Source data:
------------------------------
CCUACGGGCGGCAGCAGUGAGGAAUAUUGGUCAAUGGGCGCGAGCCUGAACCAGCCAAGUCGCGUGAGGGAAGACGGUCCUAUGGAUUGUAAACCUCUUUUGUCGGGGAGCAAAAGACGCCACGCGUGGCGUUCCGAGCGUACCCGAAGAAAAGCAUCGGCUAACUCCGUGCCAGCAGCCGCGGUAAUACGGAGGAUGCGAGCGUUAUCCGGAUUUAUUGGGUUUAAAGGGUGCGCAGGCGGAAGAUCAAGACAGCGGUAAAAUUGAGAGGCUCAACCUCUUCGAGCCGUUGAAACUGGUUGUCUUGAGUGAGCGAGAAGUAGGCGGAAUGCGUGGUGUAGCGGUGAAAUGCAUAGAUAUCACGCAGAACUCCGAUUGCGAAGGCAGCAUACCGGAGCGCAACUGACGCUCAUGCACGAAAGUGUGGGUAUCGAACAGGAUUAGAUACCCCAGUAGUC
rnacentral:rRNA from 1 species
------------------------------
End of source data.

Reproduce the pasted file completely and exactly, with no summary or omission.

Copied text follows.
CCUACGGGCGGCAGCAGUGAGGAAUAUUGGUCAAUGGGCGCGAGCCUGAACCAGCCAAGUCGCGUGAGGGAAGACGGUCCUAUGGAUUGUAAACCUCUUUUGUCGGGGAGCAAAAGACGCCACGCGUGGCGUUCCGAGCGUACCCGAAGAAAAGCAUCGGCUAACUCCGUGCCAGCAGCCGCGGUAAUACGGAGGAUGCGAGCGUUAUCCGGAUUUAUUGGGUUUAAAGGGUGCGCAGGCGGAAGAUCAAGACAGCGGUAAAAUUGAGAGGCUCAACCUCUUCGAGCCGUUGAAACUGGUUGUCUUGAGUGAGCGAGAAGUAGGCGGAAUGCGUGGUGUAGCGGUGAAAUGCAUAGAUAUCACGCAGAACUCCGAUUGCGAAGGCAGCAUACCGGAGCGCAACUGACGCUCAUGCACGAAAGUGUGGGUAUCGAACAGGAUUAGAUACCCCAGUAGUC
rnacentral:rRNA from 1 species